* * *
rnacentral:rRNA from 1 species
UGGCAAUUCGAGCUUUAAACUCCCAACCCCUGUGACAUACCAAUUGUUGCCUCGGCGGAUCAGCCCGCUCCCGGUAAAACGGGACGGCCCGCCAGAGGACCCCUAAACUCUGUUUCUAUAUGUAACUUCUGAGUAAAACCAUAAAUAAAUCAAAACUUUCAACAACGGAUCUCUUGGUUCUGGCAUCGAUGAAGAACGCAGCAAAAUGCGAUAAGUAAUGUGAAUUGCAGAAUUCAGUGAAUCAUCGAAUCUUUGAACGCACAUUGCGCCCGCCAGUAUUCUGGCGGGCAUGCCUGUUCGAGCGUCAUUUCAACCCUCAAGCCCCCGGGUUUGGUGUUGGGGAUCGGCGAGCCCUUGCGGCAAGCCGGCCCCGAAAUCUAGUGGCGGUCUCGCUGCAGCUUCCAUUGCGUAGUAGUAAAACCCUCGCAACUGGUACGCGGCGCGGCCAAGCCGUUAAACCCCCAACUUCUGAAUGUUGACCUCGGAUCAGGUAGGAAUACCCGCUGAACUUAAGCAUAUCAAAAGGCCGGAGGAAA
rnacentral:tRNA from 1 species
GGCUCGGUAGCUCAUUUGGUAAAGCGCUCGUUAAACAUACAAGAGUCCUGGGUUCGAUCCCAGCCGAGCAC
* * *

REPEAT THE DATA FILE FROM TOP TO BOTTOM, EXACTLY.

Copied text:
rnacentral:rRNA from 1 species
UGGCAAUUCGAGCUUUAAACUCCCAACCCCUGUGACAUACCAAUUGUUGCCUCGGCGGAUCAGCCCGCUCCCGGUAAAACGGGACGGCCCGCCAGAGGACCCCUAAACUCUGUUUCUAUAUGUAACUUCUGAGUAAAACCAUAAAUAAAUCAAAACUUUCAACAACGGAUCUCUUGGUUCUGGCAUCGAUGAAGAACGCAGCAAAAUGCGAUAAGUAAUGUGAAUUGCAGAAUUCAGUGAAUCAUCGAAUCUUUGAACGCACAUUGCGCCCGCCAGUAUUCUGGCGGGCAUGCCUGUUCGAGCGUCAUUUCAACCCUCAAGCCCCCGGGUUUGGUGUUGGGGAUCGGCGAGCCCUUGCGGCAAGCCGGCCCCGAAAUCUAGUGGCGGUCUCGCUGCAGCUUCCAUUGCGUAGUAGUAAAACCCUCGCAACUGGUACGCGGCGCGGCCAAGCCGUUAAACCCCCAACUUCUGAAUGUUGACCUCGGAUCAGGUAGGAAUACCCGCUGAACUUAAGCAUAUCAAAAGGCCGGAGGAAA
rnacentral:tRNA from 1 species
GGCUCGGUAGCUCAUUUGGUAAAGCGCUCGUUAAACAUACAAGAGUCCUGGGUUCGAUCCCAGCCGAGCAC